Archives & Manuscripts Promotes Open Access

How to share your Archives and Manuscripts articles

The Archives and Manuscripts team are requesting that all contributors please consider posting the accepted manuscript* version of articles and reviews published from 2012 onwards on their preferred platform.

The accepted manuscript of anything published in Archives and Manuscripts from 2012 onwards can be shared on any platform. Including but not limited to: your personal website, your LinkedIn profile, your institution’s repository.

We only require that you add the following text to your manuscript:  “This is an [Accepted Manuscript / Original Manuscript] of an article published by Taylor & Francis in Archives and Manuscripts on [date of publication], available at http://wwww.tandfonline. com/[Article DOI].”

Adding this text will assist anyone who found your article or review to cite you correctly.

Refer to this infographic for further information about ways in which you can share your Archives and Manuscripts article.

If you have any questions or queries about this information, please don’t hesitate to get in touch with the A&M Journal Team.

*The accepted manuscript version of your article is “your paper after peer review, when it has been revised and accepted for publication by the journal editor”. Please note that it is not the final version of your article which has been copyedited and typeset.  Instructions to sharing your work

Information & Culture: New Book Reviews

Making IT Work: A History of the Computer Services Industry by Jeffrey R. Yost
Reviewed by Sarah A. Bell

The computer services industry has worldwide annual revenues of nearly a trillion dollars and employs millions of workers, but is often overshadowed by the hardware and software products industries. In this book, Jeffrey Yost shows how computer services, from consulting and programming to data analytics and cloud computing, have played a crucial role in shaping information technology—in making IT work… (MIT Press)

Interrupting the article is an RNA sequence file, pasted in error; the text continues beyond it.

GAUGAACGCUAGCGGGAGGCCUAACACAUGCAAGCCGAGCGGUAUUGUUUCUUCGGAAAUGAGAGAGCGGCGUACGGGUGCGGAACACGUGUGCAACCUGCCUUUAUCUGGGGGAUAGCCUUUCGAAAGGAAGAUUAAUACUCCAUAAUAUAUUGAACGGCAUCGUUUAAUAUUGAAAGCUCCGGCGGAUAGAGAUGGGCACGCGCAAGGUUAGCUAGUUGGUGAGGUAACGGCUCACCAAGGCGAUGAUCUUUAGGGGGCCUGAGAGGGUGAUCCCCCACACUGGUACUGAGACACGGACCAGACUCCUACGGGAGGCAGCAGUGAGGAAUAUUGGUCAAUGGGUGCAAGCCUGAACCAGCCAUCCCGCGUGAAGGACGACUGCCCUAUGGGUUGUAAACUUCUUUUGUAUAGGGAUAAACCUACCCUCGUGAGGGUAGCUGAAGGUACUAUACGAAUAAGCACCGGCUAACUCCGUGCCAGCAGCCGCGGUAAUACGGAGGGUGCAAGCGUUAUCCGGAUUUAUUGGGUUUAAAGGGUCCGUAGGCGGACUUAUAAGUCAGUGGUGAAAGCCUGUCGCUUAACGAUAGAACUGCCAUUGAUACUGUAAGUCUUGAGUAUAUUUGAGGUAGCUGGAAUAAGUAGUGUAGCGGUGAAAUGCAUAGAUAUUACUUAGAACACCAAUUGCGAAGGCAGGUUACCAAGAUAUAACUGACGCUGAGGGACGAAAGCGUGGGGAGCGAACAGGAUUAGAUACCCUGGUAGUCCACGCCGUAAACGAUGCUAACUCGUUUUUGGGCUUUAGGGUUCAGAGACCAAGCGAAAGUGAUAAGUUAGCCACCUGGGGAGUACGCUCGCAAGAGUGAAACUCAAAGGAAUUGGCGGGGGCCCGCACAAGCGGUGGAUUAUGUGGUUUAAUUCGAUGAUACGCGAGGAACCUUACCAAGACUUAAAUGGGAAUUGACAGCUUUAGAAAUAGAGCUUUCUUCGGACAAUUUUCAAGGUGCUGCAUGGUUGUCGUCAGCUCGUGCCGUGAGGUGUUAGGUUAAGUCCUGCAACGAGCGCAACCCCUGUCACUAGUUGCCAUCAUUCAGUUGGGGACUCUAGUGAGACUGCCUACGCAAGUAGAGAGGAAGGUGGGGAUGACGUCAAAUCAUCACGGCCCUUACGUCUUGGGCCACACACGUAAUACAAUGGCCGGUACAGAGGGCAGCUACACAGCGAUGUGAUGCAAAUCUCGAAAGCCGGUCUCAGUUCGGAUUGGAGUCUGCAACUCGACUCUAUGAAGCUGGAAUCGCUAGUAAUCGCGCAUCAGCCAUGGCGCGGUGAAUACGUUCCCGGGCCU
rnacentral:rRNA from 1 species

Weaving the Dark Web: Legitimacy on Freenet, Tor, and I2P, by Robert Gehl
Reviewed by Elinor Carmi

The term “Dark Web” conjures up drug markets, unregulated gun sales, stolen credit cards. But, as Robert Gehl points out in Weaving the Dark Web, for each of these illegitimate uses, there are other, legitimate ones: the New York Times‘s anonymous whistleblowing system, for example, and the use of encryption by political dissidents. Defining the Dark Web straightforwardly as websites that can be accessed only with special routing software, and noting the frequent use of “legitimate” and its variations by users, journalists, and law enforcement to describe Dark Web practices (judging them “legit” or “sh!t”), Gehl uses the concept of legitimacy as a window into the Dark Web. He does so by examining the history of three Dark Web systems: Freenet, Tor, and I2P… (MIT Press)

My Life as a Spy: Investigations in a Secret Police File by Katherine Verdery
Reviewed by Kalpana Shankar

As Katherine Verdery observes, “There’s nothing like reading your secret police file to make you wonder who you really are.” In 1973 Verdery began her doctoral fieldwork in the Transylvanian region of Romania, ruled at the time by communist dictator Nicolae Ceausescu. She returned several times over the next twenty-five years, during which time the secret police—the Securitate—compiled a massive surveillance file on her. Reading through its 2,781 pages, she learned that she was “actually” a spy, a CIA agent, a Hungarian agitator, and a friend of dissidents: in short, an enemy of Romania. (Duke University Press)

New Issue: International Association of Sound and Audiovisual Archives Journal

Issue 49 of the International Association of Sound and Audiovisual Archives (IASA) Journal